BEIRUT: Eleven Syrian soldiers were killed in the country’s northwest on Wednesday in separate attacks carried out by the Hayat Tahrir Al Sham militant group, a war monitor reported.
“HTS fired shells and rockets at a Syrian military post, killing eight soldiers near Kafr Ruma in Idlib province,” the Britain-based Syrian Observatory for Human Rights said.
It later reported that “three Syrian soldiers were killed by sniper fire” near Kafr Nabl in the same province, adding HTS militants were also responsible.
HTS is headed by ex-members of Syria’s former Al Qaida franchise.
Syrian state media did not immediately report either attack.
About half of the northwestern province of Idlib and areas bordering the neighbouring provinces of Aleppo, Hama and Latakia are dominated by HTS and other rebel factions.
The Idlib region is home to about three million people, around half of them displaced.
Observatory head Rami Abdul Rahman told AFP that since the end of 2022, the militants “have intensified operations against regime forces in Idlib... in the context of a rapprochement between Ankara and Damascus”.
He said exchanges of fire and clashes between regime forces and jihadist factions had killed more than 60 people since the start of the year, most of them pro-regime forces. One of the militants killed was a French national.
Ankara became a sworn enemy of Damascus when it began backing rebel efforts to topple the regime of Syrian President Bashar Al Assad at the start of the civil war.
But in late December the defence ministers of Turkey and Syria held landmark negotiations in Moscow - the first such meeting since 2011.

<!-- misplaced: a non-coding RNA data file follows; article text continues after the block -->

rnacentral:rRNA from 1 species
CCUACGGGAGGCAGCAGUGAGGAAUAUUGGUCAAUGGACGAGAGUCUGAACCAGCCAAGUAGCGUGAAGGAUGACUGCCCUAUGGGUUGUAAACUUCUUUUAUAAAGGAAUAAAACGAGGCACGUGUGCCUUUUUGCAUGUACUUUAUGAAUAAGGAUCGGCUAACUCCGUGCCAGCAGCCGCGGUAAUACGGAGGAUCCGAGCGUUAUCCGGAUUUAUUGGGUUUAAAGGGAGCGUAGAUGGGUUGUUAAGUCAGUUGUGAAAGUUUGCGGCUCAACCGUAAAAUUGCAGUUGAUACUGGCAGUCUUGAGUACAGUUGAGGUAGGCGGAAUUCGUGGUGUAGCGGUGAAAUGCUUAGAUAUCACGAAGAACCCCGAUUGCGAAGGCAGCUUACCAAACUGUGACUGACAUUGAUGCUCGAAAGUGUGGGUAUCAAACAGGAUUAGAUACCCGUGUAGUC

The mooted reconciliation has alarmed Syrian opposition leaders and supporters who reside mostly in parts of the war-torn country under Ankara’s indirect control.
Assad said in January that a Moscow-brokered rapprochement with Turkey should aim for “the end of occupation” by Ankara of parts of Syria.
Turkey has military bases in northern Syria and backs some local groups fighting the regime and against Syrian Kurdish forces which it considers “terrorist” groups.
Ankara has never publicly backed hardline group HTS but is believed to coordinate with its forces.
HTS, which is sanctioned by the UN as a terrorist organisation, formally broke ties with Al Qaida in 2016 and incorporated a number of smaller Syrian rebel factions in a major re-branding effort.
Widely seen as the strongest and best organised of Syria’s rebel groups, it has presented itself as the mainstay of Syria’s opposition.
With Russian and Iranian support, Damascus has clawed back much of the ground lost in the early stages of Syria’s conflict, which erupted in 2011 when Assad’s government brutally repressed pro-democracy protests.
The war has killed nearly half a million people since it broke out over a decade ago, displacing almost half of Syria’s pre-war population.
Despite periodic clashes, a ceasefire reached in 2020 by Moscow and Turkey has largely held in the northwest.